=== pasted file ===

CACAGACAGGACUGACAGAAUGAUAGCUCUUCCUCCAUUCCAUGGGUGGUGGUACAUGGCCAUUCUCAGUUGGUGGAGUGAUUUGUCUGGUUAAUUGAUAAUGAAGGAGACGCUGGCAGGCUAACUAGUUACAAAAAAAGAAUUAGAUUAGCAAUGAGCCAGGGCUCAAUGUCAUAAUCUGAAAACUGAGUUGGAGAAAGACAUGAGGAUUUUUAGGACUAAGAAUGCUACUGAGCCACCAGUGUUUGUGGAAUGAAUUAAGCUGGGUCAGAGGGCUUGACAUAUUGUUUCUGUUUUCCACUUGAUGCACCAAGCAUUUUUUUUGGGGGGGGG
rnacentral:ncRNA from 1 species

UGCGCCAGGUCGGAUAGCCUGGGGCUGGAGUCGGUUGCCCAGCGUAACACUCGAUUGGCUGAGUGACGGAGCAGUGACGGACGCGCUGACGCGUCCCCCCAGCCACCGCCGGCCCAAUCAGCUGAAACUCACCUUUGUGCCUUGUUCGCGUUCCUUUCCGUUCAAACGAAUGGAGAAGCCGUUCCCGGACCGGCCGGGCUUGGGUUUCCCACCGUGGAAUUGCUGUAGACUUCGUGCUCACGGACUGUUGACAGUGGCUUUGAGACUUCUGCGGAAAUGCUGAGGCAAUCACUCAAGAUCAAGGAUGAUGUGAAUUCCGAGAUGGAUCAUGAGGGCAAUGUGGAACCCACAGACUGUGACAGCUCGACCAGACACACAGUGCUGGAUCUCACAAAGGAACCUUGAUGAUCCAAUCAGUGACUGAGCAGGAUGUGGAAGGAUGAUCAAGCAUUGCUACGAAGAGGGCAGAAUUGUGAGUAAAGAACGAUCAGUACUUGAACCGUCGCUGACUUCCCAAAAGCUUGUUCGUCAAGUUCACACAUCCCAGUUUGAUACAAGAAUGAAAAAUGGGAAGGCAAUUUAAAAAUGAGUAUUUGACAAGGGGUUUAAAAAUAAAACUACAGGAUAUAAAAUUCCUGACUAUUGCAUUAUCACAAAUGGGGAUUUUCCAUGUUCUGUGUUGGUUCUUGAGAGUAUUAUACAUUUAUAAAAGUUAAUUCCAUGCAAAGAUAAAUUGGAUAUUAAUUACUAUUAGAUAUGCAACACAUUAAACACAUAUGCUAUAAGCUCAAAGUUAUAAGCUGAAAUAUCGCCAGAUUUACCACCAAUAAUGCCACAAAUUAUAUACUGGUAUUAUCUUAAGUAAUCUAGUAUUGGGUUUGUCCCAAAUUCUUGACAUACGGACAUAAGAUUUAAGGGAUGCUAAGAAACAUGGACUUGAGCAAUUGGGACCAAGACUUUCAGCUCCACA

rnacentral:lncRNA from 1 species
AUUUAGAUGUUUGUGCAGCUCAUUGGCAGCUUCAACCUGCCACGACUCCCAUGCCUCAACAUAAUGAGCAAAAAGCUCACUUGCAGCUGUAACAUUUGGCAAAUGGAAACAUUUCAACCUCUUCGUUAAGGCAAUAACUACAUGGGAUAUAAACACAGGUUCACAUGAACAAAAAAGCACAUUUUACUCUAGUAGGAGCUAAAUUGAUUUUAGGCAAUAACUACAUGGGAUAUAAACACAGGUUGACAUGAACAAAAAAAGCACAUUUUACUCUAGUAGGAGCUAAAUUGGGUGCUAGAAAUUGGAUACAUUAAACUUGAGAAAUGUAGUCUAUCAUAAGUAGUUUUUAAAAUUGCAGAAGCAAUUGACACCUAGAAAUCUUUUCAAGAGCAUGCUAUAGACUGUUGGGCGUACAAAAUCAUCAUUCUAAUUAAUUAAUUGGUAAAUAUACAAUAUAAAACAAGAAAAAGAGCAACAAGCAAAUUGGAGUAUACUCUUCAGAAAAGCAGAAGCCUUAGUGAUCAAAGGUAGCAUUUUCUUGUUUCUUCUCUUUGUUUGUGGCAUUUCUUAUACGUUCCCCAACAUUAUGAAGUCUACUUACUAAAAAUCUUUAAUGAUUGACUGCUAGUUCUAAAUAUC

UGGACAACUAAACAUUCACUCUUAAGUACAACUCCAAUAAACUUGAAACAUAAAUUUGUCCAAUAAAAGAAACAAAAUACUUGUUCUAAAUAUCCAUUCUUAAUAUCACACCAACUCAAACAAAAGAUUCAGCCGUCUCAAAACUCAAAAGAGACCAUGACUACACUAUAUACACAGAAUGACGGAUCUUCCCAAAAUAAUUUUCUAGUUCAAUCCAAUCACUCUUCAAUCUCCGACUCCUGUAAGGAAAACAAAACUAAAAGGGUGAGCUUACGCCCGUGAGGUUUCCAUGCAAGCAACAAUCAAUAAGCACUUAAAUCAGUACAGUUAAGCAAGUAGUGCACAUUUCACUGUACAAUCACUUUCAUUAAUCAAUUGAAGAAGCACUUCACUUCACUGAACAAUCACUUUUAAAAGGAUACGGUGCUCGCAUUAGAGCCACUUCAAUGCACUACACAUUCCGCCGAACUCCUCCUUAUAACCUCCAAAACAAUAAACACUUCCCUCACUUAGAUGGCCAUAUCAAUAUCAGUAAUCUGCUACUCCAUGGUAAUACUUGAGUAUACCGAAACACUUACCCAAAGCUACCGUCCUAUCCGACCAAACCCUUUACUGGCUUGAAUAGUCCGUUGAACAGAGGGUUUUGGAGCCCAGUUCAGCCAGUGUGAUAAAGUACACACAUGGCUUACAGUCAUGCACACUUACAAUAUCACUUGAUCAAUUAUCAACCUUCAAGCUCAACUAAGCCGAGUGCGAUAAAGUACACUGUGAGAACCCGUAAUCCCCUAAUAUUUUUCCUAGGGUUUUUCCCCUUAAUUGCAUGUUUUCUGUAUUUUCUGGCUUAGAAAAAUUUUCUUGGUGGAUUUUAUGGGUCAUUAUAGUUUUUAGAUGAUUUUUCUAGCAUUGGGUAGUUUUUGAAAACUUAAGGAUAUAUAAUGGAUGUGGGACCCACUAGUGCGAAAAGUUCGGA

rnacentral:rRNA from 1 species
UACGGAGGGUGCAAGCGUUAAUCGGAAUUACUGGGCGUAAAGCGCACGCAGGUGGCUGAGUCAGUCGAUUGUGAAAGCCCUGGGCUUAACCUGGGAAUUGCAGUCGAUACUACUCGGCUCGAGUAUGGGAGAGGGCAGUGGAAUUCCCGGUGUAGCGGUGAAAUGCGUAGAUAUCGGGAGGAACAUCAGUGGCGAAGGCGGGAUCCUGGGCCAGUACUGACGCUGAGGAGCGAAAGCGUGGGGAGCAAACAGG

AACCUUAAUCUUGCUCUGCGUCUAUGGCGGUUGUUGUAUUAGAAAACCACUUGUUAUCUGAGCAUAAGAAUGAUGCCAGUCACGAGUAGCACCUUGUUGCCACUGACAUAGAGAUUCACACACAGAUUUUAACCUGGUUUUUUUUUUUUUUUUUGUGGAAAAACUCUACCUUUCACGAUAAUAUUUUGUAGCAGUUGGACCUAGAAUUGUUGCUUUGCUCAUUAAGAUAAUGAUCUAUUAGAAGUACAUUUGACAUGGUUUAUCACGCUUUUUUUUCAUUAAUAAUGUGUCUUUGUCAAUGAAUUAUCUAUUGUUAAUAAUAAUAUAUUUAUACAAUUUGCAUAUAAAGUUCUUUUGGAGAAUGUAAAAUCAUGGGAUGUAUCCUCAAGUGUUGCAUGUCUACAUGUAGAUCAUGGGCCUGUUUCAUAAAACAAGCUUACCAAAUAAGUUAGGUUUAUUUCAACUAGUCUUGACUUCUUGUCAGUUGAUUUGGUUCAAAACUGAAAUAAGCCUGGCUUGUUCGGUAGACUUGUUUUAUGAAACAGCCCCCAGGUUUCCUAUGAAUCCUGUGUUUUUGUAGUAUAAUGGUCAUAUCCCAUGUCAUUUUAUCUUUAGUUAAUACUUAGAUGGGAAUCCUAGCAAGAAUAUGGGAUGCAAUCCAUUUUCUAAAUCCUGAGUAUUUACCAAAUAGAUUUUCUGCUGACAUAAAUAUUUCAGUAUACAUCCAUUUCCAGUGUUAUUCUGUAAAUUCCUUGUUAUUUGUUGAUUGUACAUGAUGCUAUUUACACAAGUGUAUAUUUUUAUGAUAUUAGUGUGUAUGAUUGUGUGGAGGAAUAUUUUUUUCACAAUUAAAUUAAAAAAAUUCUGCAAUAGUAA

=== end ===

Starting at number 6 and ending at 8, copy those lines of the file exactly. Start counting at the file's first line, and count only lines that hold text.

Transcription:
UGGACAACUAAACAUUCACUCUUAAGUACAACUCCAAUAAACUUGAAACAUAAAUUUGUCCAAUAAAAGAAACAAAAUACUUGUUCUAAAUAUCCAUUCUUAAUAUCACACCAACUCAAACAAAAGAUUCAGCCGUCUCAAAACUCAAAAGAGACCAUGACUACACUAUAUACACAGAAUGACGGAUCUUCCCAAAAUAAUUUUCUAGUUCAAUCCAAUCACUCUUCAAUCUCCGACUCCUGUAAGGAAAACAAAACUAAAAGGGUGAGCUUACGCCCGUGAGGUUUCCAUGCAAGCAACAAUCAAUAAGCACUUAAAUCAGUACAGUUAAGCAAGUAGUGCACAUUUCACUGUACAAUCACUUUCAUUAAUCAAUUGAAGAAGCACUUCACUUCACUGAACAAUCACUUUUAAAAGGAUACGGUGCUCGCAUUAGAGCCACUUCAAUGCACUACACAUUCCGCCGAACUCCUCCUUAUAACCUCCAAAACAAUAAACACUUCCCUCACUUAGAUGGCCAUAUCAAUAUCAGUAAUCUGCUACUCCAUGGUAAUACUUGAGUAUACCGAAACACUUACCCAAAGCUACCGUCCUAUCCGACCAAACCCUUUACUGGCUUGAAUAGUCCGUUGAACAGAGGGUUUUGGAGCCCAGUUCAGCCAGUGUGAUAAAGUACACACAUGGCUUACAGUCAUGCACACUUACAAUAUCACUUGAUCAAUUAUCAACCUUCAAGCUCAACUAAGCCGAGUGCGAUAAAGUACACUGUGAGAACCCGUAAUCCCCUAAUAUUUUUCCUAGGGUUUUUCCCCUUAAUUGCAUGUUUUCUGUAUUUUCUGGCUUAGAAAAAUUUUCUUGGUGGAUUUUAUGGGUCAUUAUAGUUUUUAGAUGAUUUUUCUAGCAUUGGGUAGUUUUUGAAAACUUAAGGAUAUAUAAUGGAUGUGGGACCCACUAGUGCGAAAAGUUCGGA

rnacentral:rRNA from 1 species
UACGGAGGGUGCAAGCGUUAAUCGGAAUUACUGGGCGUAAAGCGCACGCAGGUGGCUGAGUCAGUCGAUUGUGAAAGCCCUGGGCUUAACCUGGGAAUUGCAGUCGAUACUACUCGGCUCGAGUAUGGGAGAGGGCAGUGGAAUUCCCGGUGUAGCGGUGAAAUGCGUAGAUAUCGGGAGGAACAUCAGUGGCGAAGGCGGGAUCCUGGGCCAGUACUGACGCUGAGGAGCGAAAGCGUGGGGAGCAAACAGG